As part of my recruiting efforts, I once described Pinterest to a friend of mine as a visual way to bookmark one’s favorite websites. Because I just like to look at the pictures. I’ve since heard it described as virtual hoarding. Whatever it is, it is popular, particularly among women. It was completely underestimated by predominantly male tech industry, quickly becoming the third most popular social media platform. And it makes me crazy.
I love it. And I hate it. I am both ambivalent and conflicted about it.
This is my brain on Pinterest:
I find the following WAY overdone:
red velvet anything
Things of which I am tired and so over long before they even got started:
any upcoming holiday
The snarky side of me desperately wants to create a “This is NOT cute” board, a “This is NOT true” board and also an “In what universe is this a GOOD idea?” board. But I don’t want to encourage any more nonsense by repinning terribly bad pins.
If it’s just a photo of pretty food or it is an actual recipe whose staple ingredient is a cake mix or a can of cream of something soup, I’m not interested.
Note to my daughter: No amount of my ingredients for Carina’s fabulous coconut cream pie will ever make your hair grow faster. (So please quit using them for hair treatments so we can save them for pie.)
Ryan Gosling is not going to Hey Girl any one of us, and that’s really OK.
Condescending Wonka amuses me. Apparently being amused by Condescending Wonka is controversial, which amuses me even more.
Just because you can, doesn’t mean you should, especially when it comes to upcycling plastic grocery bags or crafting with used toilet paper rolls.
You should, however, totally check out my kilt board.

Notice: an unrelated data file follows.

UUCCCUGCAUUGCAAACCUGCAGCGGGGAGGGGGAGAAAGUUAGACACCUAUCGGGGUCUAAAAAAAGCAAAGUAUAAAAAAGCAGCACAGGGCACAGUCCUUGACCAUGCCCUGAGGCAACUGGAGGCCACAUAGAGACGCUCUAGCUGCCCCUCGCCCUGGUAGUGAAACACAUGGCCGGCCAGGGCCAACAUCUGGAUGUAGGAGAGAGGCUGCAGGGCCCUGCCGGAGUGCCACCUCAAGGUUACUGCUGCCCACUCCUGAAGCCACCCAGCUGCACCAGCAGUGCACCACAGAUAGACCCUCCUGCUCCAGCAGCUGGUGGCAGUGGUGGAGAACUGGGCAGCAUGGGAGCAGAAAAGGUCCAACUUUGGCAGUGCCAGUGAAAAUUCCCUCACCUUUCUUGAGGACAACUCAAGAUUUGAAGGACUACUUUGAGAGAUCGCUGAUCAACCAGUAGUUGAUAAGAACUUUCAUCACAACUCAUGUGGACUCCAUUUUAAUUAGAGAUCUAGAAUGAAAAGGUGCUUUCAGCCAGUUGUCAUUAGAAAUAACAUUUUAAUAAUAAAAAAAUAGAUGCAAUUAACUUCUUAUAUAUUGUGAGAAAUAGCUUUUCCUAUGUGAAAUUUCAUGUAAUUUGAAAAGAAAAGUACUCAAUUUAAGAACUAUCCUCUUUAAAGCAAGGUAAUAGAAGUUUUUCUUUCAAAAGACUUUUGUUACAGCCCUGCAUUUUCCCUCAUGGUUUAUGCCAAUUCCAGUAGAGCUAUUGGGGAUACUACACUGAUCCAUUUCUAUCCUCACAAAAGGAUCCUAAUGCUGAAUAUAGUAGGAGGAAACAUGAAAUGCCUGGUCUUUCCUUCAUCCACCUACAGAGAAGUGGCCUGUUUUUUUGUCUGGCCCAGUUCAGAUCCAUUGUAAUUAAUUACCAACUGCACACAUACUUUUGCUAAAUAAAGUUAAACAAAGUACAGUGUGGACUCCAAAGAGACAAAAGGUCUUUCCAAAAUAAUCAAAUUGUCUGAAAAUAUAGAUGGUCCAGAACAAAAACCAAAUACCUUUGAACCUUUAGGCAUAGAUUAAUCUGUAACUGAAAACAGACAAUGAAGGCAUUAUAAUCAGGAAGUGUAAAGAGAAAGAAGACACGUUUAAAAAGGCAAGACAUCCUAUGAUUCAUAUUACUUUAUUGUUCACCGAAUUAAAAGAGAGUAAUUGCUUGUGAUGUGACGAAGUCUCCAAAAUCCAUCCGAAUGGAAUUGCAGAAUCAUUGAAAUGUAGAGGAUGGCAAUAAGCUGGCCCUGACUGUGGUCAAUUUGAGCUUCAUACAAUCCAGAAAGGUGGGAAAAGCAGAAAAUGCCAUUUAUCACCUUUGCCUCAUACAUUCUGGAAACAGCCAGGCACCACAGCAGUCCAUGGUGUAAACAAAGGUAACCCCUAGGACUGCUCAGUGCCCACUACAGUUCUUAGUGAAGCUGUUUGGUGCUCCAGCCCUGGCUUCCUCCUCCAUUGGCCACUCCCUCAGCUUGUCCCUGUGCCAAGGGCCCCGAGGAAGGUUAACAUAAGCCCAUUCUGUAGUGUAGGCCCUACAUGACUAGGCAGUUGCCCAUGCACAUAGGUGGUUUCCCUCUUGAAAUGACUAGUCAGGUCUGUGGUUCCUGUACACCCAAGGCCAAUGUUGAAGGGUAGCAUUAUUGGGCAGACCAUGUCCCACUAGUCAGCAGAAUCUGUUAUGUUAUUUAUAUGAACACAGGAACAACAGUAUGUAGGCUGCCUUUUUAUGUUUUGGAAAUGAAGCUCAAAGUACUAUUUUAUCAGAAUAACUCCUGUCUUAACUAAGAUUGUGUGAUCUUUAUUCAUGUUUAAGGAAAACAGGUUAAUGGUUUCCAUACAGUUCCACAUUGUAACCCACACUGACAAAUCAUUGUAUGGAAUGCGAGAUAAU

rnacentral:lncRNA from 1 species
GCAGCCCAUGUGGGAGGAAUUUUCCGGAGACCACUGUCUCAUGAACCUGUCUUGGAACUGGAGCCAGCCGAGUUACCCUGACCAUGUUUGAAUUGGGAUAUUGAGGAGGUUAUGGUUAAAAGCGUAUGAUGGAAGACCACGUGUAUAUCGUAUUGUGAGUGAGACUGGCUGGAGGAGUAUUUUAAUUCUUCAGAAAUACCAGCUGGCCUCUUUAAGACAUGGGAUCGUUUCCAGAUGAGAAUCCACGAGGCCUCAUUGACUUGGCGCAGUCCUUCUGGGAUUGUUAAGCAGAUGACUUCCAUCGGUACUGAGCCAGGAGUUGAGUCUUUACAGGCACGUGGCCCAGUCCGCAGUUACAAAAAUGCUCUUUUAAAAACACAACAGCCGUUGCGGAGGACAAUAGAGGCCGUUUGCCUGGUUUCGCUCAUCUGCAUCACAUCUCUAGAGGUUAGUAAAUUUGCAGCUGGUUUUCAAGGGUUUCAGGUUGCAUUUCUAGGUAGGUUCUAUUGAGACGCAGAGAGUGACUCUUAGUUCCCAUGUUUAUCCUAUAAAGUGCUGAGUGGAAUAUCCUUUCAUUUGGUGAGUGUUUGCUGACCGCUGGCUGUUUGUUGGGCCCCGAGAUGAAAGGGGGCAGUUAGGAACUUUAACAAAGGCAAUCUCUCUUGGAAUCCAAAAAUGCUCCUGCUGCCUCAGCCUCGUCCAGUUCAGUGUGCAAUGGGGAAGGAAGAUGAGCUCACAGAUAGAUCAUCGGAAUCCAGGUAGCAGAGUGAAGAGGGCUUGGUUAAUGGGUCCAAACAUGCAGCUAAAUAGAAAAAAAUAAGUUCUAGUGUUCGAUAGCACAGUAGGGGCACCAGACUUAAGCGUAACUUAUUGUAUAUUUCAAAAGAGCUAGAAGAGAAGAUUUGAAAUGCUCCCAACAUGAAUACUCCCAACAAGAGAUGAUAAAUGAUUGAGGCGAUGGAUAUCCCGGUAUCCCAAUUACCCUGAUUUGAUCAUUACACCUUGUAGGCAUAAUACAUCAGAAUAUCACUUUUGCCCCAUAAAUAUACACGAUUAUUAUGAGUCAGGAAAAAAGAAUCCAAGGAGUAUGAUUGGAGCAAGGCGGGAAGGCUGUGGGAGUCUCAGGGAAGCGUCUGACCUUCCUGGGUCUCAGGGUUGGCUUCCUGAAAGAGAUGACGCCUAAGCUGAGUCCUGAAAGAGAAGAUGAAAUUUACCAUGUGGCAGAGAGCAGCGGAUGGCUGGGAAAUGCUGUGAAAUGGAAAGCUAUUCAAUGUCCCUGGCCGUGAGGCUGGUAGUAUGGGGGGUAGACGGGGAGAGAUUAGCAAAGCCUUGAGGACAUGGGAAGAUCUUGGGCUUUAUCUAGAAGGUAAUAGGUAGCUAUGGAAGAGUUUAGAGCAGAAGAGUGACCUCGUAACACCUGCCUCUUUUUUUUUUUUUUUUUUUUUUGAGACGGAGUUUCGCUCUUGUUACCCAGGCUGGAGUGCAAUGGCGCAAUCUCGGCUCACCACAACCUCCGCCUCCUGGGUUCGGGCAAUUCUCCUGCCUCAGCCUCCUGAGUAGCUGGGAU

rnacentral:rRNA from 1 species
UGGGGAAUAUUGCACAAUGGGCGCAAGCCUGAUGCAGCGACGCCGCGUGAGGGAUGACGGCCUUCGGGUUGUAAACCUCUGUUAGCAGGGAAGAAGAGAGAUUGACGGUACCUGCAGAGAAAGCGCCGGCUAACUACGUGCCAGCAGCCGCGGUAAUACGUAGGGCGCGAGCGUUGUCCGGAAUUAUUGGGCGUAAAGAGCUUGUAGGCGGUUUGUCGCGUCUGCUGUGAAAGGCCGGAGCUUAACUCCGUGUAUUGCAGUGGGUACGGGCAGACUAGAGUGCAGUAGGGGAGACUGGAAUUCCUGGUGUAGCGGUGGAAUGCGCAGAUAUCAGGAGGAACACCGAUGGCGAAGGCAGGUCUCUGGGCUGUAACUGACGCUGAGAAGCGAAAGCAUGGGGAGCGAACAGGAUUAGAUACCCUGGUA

And pallets, who knew?
On the serious side, as I said, I find Pinterest conflicting. Aside from tole-painting like nobody’s business during the late 80s and the occasional quilt, I am the anti-craft. And yet even I have my own crafts board. I also have a workout board (18 pins). And a dessert board (56 pins). All too often a random glance at “everything” displays an odd juxtaposition of quinoa-laced health-food and an almost sick (yet somehow appealing) decadence such as a recipe for the ultimate chocolate chip cookie n’ oreo fudge brownie bar (don’t forget to top it with ice cream and hot fudge sauce).
What is perplexing to me is what this says about us. What it says about what’s on our minds and what we want.
Why is my workout board so wimpy? In part because I take issue with so many of the images and messages I see on the fitness pins. While fabulous abs abound, a good number of the women (girls, really) are impossibly thin. Much of the exercise advice isn’t sound. And a lot of the messages are more demeaning than inspiring. As the mother of a teen who has Pinterest account, I’m concerned about the messages these pins send our girls. Not just about their own body images, but about our bodies in general. Interesting that so much in the name of being healthy is so, well, unhealthy.
Organizing or hoarding?
On a good day I’ll try a recipe or cleaning tip or two (word to the rise, not all of those are scientifically sound, either). One of these days I might make a new quilt.
On a bad day, as I look at the pictures and contemplate the underlying messages of so many posters, I am sometimes unsettled by a sense of not enoughness. Similar to that I occasionally feel when flipping through the glossy pages of some magazines. The prevailing message seems to be “Not only am I not enough, but neither is my house, my parenting (or cooking) skills, nor my linens.”
Moral of the story? Just like with everything else, it’s about balance. There is good. There is not-so-good. The wisdom is in knowing the difference. I’m still figuring it out. In the meantime, just like Facebook once saved my turtle (prior post), Pinterest has already saved my favorite sauce pan, ruined my newly refinished dining room table, and taught my 16yo how to make something new (homemade calzone) for dinner one night.
What is your brain like on Pinterest? Tried any good recipes lately? Learned the hard way not to believe everything you see?